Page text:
That the Order of the House to go into Committee of Ways and Means and any motion in reference thereto be made the first order of the day after Questions on Wednesday, March 19th, and all subsequent days until the Debate is completed.
Bill (No. 52) respecting the St. Clair and Erie Ship Canal Company-Hon. Mr. Tisdale. Bill (No. 53) respecting the Canadian Northern Railway Company.-Mr. Davis.
BUSINESS OF THE HOUSE.
Motion agreed to.
SELECT STANDING COMMITTEE ON RAILWAYS.
I would move, seconded by Mr. Borden (Halifax) :
That the name of Mr. Robinson' (Elgin) be added to the Select Standing Committee on Railways, Canals and Telegraph lines.
Motion agreed to. *
Bill (No. 43) respecting the Vancouver, Victoria and Eastern Railway and Navigation Company.-Mr. Maxwell. Bill (No. 44) respecting the Tilsonburg, Lake Erie and Pacific Railway Company.- Mr. McCarthy. Bill (No. 47) to incorporate the Canadian Manufacturers' Association.-Mr. Campbell. Bill (No. 48) to incorporate the Montreal and St. Lawrence Bridge Company.-Mr. Madore. Bill (No. 49) to confer on the Commissioner of Patents certain powers for the relief of John Westren.-Mr. Campbell. Bill (No. 50) respecting the Niagara, St. Catharines and Toronto Railway Company.- Mr. Calvert. Bill (No. 51) to incorporate the Dyment Banking Loan and Savings Company.-Mr. McCarthy.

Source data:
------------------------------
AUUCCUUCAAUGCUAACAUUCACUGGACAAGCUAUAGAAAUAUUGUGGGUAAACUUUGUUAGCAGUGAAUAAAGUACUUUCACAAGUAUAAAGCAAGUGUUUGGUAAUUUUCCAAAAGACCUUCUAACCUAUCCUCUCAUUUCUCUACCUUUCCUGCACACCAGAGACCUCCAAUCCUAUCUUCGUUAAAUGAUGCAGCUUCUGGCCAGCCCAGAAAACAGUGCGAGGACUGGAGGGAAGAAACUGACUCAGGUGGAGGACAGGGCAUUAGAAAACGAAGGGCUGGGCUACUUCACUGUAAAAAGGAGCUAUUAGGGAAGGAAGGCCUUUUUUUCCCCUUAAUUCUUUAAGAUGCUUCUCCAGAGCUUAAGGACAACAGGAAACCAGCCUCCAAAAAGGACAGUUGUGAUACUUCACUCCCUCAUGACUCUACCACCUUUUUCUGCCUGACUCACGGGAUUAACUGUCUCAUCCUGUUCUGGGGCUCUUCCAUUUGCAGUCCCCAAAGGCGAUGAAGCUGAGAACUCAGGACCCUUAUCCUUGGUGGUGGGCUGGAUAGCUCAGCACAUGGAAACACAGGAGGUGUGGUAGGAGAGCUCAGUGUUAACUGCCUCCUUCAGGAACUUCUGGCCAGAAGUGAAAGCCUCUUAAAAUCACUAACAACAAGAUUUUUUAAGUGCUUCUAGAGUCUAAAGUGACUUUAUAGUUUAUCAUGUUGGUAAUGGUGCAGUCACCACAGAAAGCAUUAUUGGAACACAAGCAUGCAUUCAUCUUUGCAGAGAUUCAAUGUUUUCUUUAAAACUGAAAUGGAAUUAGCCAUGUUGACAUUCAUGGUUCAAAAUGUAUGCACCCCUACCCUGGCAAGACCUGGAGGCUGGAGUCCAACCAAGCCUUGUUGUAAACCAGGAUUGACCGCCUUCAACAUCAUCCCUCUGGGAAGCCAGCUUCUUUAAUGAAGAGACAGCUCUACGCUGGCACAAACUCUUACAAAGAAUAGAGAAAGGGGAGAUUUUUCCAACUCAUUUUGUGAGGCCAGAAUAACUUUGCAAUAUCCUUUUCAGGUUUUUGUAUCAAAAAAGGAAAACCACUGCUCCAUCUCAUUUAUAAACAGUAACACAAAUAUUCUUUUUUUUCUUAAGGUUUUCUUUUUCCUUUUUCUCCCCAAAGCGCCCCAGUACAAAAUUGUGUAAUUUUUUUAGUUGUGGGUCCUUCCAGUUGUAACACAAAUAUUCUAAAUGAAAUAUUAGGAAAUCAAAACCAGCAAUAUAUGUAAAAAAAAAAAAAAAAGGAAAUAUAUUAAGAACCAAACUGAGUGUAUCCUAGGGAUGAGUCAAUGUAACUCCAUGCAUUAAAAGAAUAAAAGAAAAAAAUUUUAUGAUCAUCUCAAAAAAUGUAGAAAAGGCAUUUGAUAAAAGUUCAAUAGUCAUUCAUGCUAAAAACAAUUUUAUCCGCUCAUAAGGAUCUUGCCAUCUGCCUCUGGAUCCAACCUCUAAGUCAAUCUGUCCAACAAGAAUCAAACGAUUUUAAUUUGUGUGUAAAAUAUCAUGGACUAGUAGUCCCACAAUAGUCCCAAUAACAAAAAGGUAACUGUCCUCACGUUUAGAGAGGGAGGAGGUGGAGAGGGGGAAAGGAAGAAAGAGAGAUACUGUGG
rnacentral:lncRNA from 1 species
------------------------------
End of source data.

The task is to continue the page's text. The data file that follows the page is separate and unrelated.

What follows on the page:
CONSIDERED IN COMMITTEE-THIRD READINGS.
Bill (No. 13) respecting the Canada and Michigan Bridge and Tunnel Company.-Mr. Cowan. Bill (No. 15) respecting the River St. Clair Railway Bridge and Tunnel Company.-Mr. Ingram. Bill (No. 18) to incorporate the Velvet (Rossland) Mine Railway Company.-Mr. Galliher. Bill (No. 20) to incorporate the Battleford and Lake Lenore Railway Company.-Mr. Calvert.
CANADA SOUTHERN RAILWAY COMPANY.
House in Committee on Bill (No. 7) An Act respecting the Canada Southern Railway Company.-Mr. Ingram. On section 1.
I would suggest, Mr. Chairman, that the points for the commencement and termination of these branches should be more definitely set forth in the Bill. Is there not an additional clause to be proposed covering this point ?
I may explain that the Bill was laid over for a time in order to allow opportunity for full consideration. It was taken up at a time, when, I believe, the hon. gentleman (Mr. Sproule) was absent, and passed in its present form by the unanimous vote of the committee.
It was explained that the Canada Southern Railway Company were unable to fix definitely the terminal points of their proposed branches on the Niagara river, because bridges which it was designed to use had not yet been located. One is expected to cross at Grand Island, and another to be built in the neighbourhood of Queenston. The branches will not be constructed until the bridges are located, and, in the meantime, they cannot define the point exactly to which the lines are intended to run. The description is as definite as it can be made at the present time.
Bill reported, read the third time, and passed.
WAYS AND MEANS-THE BUDGET.